JENN: I know when you apply for most programs you have a lot of paperwork to do. What does a family need to have to apply for Katie Beckett?

TERRY: Well, there is a lot of paperwork, but it’s manageable. And there are quite a few documents that you need in order to apply. We have a list of them at the office, so if you want to give us a call we can send that to you. It’s things – standard things like your birth certificate, or the child’s birth certificate, their social security card, medical records, their IEP, all those sorts of things. But the one thing I would want to say is when you look at that list and it says “Medical Records,” don’t send, you know, your child is ten years old, so you want to send ten years worth of records so that they get the full idea, that’s not what they’re looking for. They’re looking for records from the last year. The significance of this previous year is really what helps to determine whether or not they’re eligible.

JENN: So if I – if a family decides to apply for Katie Beckett, how do they do that?

TERRY: Well you actually have a few options, and each option has its pros and cons. So let me go through each of them. First one is you could always make an appointment at your local district office. Go down there and fill out the paperwork. The good thing about that is it means you get the opportunity to talk to a Case Tech, find out if there are any other programs that you might qualify. If you’re new to the state, or if you’re looking for other assistance, this could be really beneficial. However, if you know you only want to apply for Katie Beckett, and you don’t have the time to go into the office, you can also apply by going to New Hampshire Easy dot gov ( The thing that I would remind people about when they do that is when you go in and you start to fill that out, you have to fill it all in that day, because if it’s not done by midnight it gets erased and you have to start over again, so keep that in mind. The other thing is once you’ve completed it you will get some additional forms in the mail that have to be completed, and you have to send them back. And they’ll be a timeline on that. You may also get a call about doing an interview. The interview could be a phone call or they could ask you to come down to the office. The third option is to call our office and ask for an HCCSD packet. We’ve put together all of the forms and some tip sheets that kind of help you walk through it, and we will send you that. That then gets mailed to the district office, and you may still get a followup phone call where they want to do either an in-face interview or a phone interview. No matter which way you decide to apply you’re always welcome to call the New Hampshire Family Voices office. We can help you if you get stuck in filling out a portion, or you have questions about things. We’re more than help you – happy to help you get through the process no matter which way you choose.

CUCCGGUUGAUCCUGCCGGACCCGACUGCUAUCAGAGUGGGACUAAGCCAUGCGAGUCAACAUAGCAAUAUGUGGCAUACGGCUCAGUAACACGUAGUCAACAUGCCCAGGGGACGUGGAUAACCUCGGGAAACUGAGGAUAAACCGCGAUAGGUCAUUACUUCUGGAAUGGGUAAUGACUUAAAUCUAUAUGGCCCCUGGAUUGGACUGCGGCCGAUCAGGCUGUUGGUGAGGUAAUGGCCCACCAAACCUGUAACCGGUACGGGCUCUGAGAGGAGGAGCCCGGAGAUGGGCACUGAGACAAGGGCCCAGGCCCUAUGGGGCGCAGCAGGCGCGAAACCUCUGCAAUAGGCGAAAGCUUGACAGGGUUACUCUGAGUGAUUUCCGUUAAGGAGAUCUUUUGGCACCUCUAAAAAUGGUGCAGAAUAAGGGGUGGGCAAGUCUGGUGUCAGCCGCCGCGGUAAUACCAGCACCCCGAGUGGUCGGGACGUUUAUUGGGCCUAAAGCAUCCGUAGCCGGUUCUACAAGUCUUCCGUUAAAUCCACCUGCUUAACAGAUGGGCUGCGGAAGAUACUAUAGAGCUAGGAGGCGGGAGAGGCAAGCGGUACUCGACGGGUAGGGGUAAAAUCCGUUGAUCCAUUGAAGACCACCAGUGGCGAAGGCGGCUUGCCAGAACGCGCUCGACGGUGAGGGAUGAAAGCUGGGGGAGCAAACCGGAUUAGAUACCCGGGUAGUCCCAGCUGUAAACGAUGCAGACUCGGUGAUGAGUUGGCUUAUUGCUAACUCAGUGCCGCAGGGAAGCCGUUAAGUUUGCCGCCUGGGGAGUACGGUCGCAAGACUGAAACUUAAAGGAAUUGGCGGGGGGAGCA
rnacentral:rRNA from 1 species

JENN: What if I apply and they tell me we’re not eligible, and I disagree, and I really think my kid should have qualified? How – what can I do?

TERRY: You can always appeal the decision made by Medicaid. When you receive your denial they’ll be some paperwork in it that tells you how to do that. Make sure you pay really close attention to that because there is a timeline, and you need to make sure that you follow it. But I would caution you if you’re convinced that your child is eligible to look back at what you submitted, and to see if there’s a gap. If maybe there was something that you didn’t think to send in, or that they didn’t get that they should have gotten, to help influence the decision.

JENN: What happens if I don’t qualify for Katie Beckett? Can you apply again later?

TERRY: You certainly can. You can apply as many times as you want. And really the thing to keep in mind is our kids change over time. So while I may have a child with a diagnosis that I’m fairly sure they’re going to qualify for, maybe at the age of 18 months they really don’t look that different than their peers, and they’re not having a lot of medical issues, but you can anticipate they’re going to in the future, when those things start to arise you may want to reconsider and apply again. But you can apply as many times as you want. It’s all about whether or not you’ve got the stamina to keep filling out the paperwork.

JENN: So that’s all the questions I have for today. Thank you, Terry. This has been really informative. If anyone has any questions, please give our office a call at 271-4525 or check out our website at NHFV dot org (, and look for more podcasts from New Hampshire Family Voices.